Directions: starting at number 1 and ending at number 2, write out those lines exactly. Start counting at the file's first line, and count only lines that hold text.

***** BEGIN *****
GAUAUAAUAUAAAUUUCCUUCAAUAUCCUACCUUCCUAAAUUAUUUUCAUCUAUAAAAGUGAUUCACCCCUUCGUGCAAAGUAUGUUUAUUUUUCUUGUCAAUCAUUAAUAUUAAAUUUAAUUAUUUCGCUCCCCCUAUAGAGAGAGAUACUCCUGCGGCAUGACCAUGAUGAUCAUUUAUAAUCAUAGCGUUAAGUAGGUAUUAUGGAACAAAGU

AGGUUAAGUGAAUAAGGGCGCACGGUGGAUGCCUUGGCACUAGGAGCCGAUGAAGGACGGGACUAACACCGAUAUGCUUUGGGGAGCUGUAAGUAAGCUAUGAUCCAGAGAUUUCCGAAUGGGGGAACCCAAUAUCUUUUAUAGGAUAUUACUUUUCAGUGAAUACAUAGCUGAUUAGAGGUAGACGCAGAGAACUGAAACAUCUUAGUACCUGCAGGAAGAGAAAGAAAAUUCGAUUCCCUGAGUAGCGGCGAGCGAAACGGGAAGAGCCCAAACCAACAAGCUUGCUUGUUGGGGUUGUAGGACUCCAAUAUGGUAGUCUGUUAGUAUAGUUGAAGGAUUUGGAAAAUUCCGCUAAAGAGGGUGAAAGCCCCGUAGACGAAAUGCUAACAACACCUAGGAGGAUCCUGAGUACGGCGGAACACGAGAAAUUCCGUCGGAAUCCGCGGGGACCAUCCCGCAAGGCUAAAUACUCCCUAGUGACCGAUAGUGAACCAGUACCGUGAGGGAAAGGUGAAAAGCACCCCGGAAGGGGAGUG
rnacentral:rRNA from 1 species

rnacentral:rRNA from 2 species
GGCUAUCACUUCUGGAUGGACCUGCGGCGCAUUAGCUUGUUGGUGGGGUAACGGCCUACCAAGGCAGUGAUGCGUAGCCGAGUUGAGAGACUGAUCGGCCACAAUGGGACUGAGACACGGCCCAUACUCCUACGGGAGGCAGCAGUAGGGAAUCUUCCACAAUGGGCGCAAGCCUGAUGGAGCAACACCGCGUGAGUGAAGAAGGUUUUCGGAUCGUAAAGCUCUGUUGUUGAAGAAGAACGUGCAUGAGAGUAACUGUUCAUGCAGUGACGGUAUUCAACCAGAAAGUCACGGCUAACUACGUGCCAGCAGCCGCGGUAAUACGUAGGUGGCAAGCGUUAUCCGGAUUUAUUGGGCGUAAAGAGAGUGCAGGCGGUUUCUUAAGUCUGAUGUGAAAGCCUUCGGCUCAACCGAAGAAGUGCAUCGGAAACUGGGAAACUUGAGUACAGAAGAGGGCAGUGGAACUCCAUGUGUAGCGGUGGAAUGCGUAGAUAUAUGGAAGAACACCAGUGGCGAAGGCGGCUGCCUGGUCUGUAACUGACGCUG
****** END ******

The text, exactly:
GAUAUAAUAUAAAUUUCCUUCAAUAUCCUACCUUCCUAAAUUAUUUUCAUCUAUAAAAGUGAUUCACCCCUUCGUGCAAAGUAUGUUUAUUUUUCUUGUCAAUCAUUAAUAUUAAAUUUAAUUAUUUCGCUCCCCCUAUAGAGAGAGAUACUCCUGCGGCAUGACCAUGAUGAUCAUUUAUAAUCAUAGCGUUAAGUAGGUAUUAUGGAACAAAGU

AGGUUAAGUGAAUAAGGGCGCACGGUGGAUGCCUUGGCACUAGGAGCCGAUGAAGGACGGGACUAACACCGAUAUGCUUUGGGGAGCUGUAAGUAAGCUAUGAUCCAGAGAUUUCCGAAUGGGGGAACCCAAUAUCUUUUAUAGGAUAUUACUUUUCAGUGAAUACAUAGCUGAUUAGAGGUAGACGCAGAGAACUGAAACAUCUUAGUACCUGCAGGAAGAGAAAGAAAAUUCGAUUCCCUGAGUAGCGGCGAGCGAAACGGGAAGAGCCCAAACCAACAAGCUUGCUUGUUGGGGUUGUAGGACUCCAAUAUGGUAGUCUGUUAGUAUAGUUGAAGGAUUUGGAAAAUUCCGCUAAAGAGGGUGAAAGCCCCGUAGACGAAAUGCUAACAACACCUAGGAGGAUCCUGAGUACGGCGGAACACGAGAAAUUCCGUCGGAAUCCGCGGGGACCAUCCCGCAAGGCUAAAUACUCCCUAGUGACCGAUAGUGAACCAGUACCGUGAGGGAAAGGUGAAAAGCACCCCGGAAGGGGAGUG